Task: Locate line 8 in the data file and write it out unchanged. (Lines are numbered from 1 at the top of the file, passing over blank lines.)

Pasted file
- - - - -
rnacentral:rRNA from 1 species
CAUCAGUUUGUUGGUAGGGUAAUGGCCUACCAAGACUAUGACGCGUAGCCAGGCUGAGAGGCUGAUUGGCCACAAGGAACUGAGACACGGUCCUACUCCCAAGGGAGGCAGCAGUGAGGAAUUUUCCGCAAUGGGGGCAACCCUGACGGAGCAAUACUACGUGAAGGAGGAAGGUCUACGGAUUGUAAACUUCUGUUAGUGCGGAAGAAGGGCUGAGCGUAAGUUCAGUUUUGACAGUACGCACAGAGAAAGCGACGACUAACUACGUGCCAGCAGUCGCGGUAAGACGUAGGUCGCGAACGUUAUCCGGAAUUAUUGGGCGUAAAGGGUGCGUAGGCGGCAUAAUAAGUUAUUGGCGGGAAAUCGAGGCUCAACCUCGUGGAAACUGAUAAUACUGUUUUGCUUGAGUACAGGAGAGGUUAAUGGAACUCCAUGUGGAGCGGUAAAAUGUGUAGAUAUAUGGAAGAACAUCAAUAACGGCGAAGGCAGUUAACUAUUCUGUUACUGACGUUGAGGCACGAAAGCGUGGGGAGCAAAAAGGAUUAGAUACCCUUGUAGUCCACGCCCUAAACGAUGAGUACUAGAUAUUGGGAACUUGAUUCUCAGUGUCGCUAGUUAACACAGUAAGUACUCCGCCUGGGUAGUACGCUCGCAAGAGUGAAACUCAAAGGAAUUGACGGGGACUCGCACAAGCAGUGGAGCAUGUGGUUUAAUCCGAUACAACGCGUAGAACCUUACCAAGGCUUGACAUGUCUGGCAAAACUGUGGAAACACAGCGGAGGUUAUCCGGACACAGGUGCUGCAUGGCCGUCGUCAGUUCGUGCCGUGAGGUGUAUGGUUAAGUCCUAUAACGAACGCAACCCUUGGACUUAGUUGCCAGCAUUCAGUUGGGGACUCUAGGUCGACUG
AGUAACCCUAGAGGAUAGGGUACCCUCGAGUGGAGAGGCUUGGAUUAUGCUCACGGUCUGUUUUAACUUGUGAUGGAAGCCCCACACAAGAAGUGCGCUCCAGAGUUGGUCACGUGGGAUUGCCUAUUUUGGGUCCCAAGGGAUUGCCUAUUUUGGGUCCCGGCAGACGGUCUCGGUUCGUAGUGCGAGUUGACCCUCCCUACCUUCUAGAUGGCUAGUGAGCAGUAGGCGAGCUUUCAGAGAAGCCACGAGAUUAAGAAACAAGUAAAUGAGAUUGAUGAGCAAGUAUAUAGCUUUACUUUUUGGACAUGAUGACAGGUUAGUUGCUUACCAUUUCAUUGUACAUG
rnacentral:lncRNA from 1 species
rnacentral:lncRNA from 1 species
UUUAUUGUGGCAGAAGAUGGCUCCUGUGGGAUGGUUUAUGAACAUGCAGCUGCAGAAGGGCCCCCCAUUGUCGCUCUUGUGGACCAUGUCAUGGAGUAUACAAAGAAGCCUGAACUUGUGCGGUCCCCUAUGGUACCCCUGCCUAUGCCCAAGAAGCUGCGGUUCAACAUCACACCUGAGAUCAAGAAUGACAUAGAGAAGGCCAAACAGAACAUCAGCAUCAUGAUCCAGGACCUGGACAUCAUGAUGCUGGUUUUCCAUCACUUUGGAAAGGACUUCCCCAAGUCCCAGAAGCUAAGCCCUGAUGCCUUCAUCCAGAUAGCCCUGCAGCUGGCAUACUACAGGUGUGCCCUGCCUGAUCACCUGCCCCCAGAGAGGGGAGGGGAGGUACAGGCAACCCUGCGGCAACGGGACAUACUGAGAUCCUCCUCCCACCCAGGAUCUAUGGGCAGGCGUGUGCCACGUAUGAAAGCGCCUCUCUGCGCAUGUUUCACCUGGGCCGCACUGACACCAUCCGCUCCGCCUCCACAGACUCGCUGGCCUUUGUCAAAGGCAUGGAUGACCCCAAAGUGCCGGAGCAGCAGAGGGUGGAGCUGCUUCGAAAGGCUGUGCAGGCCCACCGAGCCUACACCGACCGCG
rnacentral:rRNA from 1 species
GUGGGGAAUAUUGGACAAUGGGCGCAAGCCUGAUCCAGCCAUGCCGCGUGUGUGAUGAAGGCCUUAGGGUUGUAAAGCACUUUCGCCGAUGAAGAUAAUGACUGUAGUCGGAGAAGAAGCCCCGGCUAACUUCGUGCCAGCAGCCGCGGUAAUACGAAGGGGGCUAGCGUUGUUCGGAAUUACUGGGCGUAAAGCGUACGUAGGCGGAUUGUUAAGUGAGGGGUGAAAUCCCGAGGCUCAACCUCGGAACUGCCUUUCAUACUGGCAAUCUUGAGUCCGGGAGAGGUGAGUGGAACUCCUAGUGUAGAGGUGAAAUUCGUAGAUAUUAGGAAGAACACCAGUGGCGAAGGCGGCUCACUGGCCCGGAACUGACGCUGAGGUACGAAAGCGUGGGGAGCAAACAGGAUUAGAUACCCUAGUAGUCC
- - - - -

GUGGGGAAUAUUGGACAAUGGGCGCAAGCCUGAUCCAGCCAUGCCGCGUGUGUGAUGAAGGCCUUAGGGUUGUAAAGCACUUUCGCCGAUGAAGAUAAUGACUGUAGUCGGAGAAGAAGCCCCGGCUAACUUCGUGCCAGCAGCCGCGGUAAUACGAAGGGGGCUAGCGUUGUUCGGAAUUACUGGGCGUAAAGCGUACGUAGGCGGAUUGUUAAGUGAGGGGUGAAAUCCCGAGGCUCAACCUCGGAACUGCCUUUCAUACUGGCAAUCUUGAGUCCGGGAGAGGUGAGUGGAACUCCUAGUGUAGAGGUGAAAUUCGUAGAUAUUAGGAAGAACACCAGUGGCGAAGGCGGCUCACUGGCCCGGAACUGACGCUGAGGUACGAAAGCGUGGGGAGCAAACAGGAUUAGAUACCCUAGUAGUCC